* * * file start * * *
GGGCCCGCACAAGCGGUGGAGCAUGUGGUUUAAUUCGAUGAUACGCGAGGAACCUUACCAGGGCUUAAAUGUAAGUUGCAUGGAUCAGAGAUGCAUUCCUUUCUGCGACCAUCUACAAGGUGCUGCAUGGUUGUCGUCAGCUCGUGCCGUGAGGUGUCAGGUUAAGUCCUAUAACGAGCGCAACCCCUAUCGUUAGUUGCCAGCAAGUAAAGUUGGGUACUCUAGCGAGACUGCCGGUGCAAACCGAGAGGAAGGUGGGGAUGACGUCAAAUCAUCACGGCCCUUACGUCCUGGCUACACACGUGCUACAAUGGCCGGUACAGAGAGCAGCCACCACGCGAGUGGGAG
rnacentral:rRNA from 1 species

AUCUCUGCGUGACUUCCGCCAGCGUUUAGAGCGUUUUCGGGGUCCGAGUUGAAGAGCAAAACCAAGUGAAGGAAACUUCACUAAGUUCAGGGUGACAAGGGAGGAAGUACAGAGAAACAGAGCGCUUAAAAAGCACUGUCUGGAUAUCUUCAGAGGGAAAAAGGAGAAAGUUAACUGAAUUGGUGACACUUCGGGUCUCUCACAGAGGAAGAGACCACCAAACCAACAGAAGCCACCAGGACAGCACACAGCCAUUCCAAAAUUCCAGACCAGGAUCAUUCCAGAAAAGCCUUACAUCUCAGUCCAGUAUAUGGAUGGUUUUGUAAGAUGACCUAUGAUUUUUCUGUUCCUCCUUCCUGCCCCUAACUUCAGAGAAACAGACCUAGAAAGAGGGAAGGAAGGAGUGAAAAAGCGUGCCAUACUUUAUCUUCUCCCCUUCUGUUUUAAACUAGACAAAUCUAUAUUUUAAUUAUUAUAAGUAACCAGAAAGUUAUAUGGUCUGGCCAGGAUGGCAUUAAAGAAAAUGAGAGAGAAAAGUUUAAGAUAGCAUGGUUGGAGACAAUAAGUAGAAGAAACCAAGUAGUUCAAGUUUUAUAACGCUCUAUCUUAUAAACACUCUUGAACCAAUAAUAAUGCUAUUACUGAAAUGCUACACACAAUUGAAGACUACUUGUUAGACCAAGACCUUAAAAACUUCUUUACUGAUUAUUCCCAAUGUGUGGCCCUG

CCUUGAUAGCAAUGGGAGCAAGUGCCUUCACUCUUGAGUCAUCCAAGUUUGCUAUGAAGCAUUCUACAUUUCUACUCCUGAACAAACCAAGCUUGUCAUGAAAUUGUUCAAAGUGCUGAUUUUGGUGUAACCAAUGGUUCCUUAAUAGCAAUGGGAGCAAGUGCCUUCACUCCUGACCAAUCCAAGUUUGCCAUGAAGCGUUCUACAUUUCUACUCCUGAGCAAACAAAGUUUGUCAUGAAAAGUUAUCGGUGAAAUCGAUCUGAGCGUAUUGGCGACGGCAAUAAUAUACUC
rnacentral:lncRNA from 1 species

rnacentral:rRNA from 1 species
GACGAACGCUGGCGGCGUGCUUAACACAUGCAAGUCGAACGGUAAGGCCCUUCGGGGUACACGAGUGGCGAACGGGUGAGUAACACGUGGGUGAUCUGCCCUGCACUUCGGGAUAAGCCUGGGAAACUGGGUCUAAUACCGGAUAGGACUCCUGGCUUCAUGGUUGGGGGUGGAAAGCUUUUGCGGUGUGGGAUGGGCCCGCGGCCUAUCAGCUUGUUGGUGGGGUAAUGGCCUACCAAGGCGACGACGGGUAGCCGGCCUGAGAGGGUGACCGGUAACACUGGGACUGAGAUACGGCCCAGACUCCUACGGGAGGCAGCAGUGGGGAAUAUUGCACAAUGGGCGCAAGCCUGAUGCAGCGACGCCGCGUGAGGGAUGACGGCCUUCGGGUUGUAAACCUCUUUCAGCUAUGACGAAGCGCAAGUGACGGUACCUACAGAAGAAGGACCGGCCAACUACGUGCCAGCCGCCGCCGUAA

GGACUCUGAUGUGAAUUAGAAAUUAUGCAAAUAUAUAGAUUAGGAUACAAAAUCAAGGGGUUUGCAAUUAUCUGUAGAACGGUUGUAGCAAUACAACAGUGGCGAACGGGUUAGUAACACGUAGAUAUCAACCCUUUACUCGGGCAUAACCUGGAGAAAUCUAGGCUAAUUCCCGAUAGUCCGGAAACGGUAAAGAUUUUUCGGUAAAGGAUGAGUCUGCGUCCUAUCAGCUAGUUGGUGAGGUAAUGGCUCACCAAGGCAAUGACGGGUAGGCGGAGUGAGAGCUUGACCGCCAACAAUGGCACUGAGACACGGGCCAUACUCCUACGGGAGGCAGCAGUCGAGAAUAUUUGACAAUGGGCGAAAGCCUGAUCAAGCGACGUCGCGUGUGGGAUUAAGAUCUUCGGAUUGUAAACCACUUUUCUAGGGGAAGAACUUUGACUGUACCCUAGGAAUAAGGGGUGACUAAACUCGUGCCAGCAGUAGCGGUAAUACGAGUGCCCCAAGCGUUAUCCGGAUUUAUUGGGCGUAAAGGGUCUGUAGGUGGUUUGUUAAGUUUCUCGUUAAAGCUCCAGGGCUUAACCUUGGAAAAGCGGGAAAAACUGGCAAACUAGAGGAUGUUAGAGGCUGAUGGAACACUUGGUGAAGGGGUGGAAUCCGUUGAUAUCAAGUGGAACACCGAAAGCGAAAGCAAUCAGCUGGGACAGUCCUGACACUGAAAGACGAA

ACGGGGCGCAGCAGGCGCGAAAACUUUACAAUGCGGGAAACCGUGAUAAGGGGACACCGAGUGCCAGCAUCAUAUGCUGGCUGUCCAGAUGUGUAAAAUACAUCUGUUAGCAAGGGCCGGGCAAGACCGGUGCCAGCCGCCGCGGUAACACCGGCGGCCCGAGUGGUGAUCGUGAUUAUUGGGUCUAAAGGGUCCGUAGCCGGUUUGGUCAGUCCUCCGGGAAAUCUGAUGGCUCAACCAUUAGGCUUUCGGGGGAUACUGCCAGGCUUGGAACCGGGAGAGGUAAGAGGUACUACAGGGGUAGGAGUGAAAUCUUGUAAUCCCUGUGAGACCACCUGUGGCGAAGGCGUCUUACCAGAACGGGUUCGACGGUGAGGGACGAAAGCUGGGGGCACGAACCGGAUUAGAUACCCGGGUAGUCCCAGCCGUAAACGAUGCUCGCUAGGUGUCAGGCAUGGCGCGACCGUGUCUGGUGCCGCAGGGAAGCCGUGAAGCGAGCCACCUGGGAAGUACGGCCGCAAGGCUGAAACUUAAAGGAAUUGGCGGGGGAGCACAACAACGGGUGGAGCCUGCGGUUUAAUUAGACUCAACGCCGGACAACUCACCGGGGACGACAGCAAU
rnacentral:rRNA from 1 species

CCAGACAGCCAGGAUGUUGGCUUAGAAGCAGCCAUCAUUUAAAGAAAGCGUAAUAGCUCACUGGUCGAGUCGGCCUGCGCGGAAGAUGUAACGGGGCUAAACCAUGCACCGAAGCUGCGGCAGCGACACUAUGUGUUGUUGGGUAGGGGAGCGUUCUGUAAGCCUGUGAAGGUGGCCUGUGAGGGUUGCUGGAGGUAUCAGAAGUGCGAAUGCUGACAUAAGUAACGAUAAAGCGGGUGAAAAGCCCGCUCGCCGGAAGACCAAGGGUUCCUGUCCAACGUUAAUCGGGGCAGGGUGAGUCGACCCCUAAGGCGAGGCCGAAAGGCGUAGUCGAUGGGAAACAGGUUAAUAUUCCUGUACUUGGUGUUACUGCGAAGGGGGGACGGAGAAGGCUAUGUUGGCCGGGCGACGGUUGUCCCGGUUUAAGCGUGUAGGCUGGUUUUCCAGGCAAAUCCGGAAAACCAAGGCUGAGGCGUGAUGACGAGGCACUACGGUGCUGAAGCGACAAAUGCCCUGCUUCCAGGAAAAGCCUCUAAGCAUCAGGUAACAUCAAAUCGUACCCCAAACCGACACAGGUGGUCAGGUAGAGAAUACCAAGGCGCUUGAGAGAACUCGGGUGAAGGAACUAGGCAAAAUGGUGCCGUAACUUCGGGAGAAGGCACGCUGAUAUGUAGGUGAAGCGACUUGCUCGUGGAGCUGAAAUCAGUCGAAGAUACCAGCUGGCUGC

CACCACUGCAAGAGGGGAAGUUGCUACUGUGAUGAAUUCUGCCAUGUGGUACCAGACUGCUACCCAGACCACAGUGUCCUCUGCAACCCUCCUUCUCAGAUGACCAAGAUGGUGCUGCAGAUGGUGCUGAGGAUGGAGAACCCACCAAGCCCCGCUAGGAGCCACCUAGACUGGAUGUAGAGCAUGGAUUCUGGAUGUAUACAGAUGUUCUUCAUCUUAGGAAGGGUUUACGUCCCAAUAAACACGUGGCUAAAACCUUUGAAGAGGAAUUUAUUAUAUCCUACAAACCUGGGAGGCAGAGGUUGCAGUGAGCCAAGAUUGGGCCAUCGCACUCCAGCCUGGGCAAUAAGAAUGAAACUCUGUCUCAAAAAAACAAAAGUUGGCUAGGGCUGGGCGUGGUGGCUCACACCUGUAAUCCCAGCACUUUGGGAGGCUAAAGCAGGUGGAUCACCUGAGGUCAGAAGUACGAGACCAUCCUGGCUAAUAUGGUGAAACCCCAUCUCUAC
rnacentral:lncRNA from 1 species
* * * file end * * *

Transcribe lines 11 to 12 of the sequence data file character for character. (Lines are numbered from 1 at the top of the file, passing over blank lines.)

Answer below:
CCAGACAGCCAGGAUGUUGGCUUAGAAGCAGCCAUCAUUUAAAGAAAGCGUAAUAGCUCACUGGUCGAGUCGGCCUGCGCGGAAGAUGUAACGGGGCUAAACCAUGCACCGAAGCUGCGGCAGCGACACUAUGUGUUGUUGGGUAGGGGAGCGUUCUGUAAGCCUGUGAAGGUGGCCUGUGAGGGUUGCUGGAGGUAUCAGAAGUGCGAAUGCUGACAUAAGUAACGAUAAAGCGGGUGAAAAGCCCGCUCGCCGGAAGACCAAGGGUUCCUGUCCAACGUUAAUCGGGGCAGGGUGAGUCGACCCCUAAGGCGAGGCCGAAAGGCGUAGUCGAUGGGAAACAGGUUAAUAUUCCUGUACUUGGUGUUACUGCGAAGGGGGGACGGAGAAGGCUAUGUUGGCCGGGCGACGGUUGUCCCGGUUUAAGCGUGUAGGCUGGUUUUCCAGGCAAAUCCGGAAAACCAAGGCUGAGGCGUGAUGACGAGGCACUACGGUGCUGAAGCGACAAAUGCCCUGCUUCCAGGAAAAGCCUCUAAGCAUCAGGUAACAUCAAAUCGUACCCCAAACCGACACAGGUGGUCAGGUAGAGAAUACCAAGGCGCUUGAGAGAACUCGGGUGAAGGAACUAGGCAAAAUGGUGCCGUAACUUCGGGAGAAGGCACGCUGAUAUGUAGGUGAAGCGACUUGCUCGUGGAGCUGAAAUCAGUCGAAGAUACCAGCUGGCUGC

CACCACUGCAAGAGGGGAAGUUGCUACUGUGAUGAAUUCUGCCAUGUGGUACCAGACUGCUACCCAGACCACAGUGUCCUCUGCAACCCUCCUUCUCAGAUGACCAAGAUGGUGCUGCAGAUGGUGCUGAGGAUGGAGAACCCACCAAGCCCCGCUAGGAGCCACCUAGACUGGAUGUAGAGCAUGGAUUCUGGAUGUAUACAGAUGUUCUUCAUCUUAGGAAGGGUUUACGUCCCAAUAAACACGUGGCUAAAACCUUUGAAGAGGAAUUUAUUAUAUCCUACAAACCUGGGAGGCAGAGGUUGCAGUGAGCCAAGAUUGGGCCAUCGCACUCCAGCCUGGGCAAUAAGAAUGAAACUCUGUCUCAAAAAAACAAAAGUUGGCUAGGGCUGGGCGUGGUGGCUCACACCUGUAAUCCCAGCACUUUGGGAGGCUAAAGCAGGUGGAUCACCUGAGGUCAGAAGUACGAGACCAUCCUGGCUAAUAUGGUGAAACCCCAUCUCUAC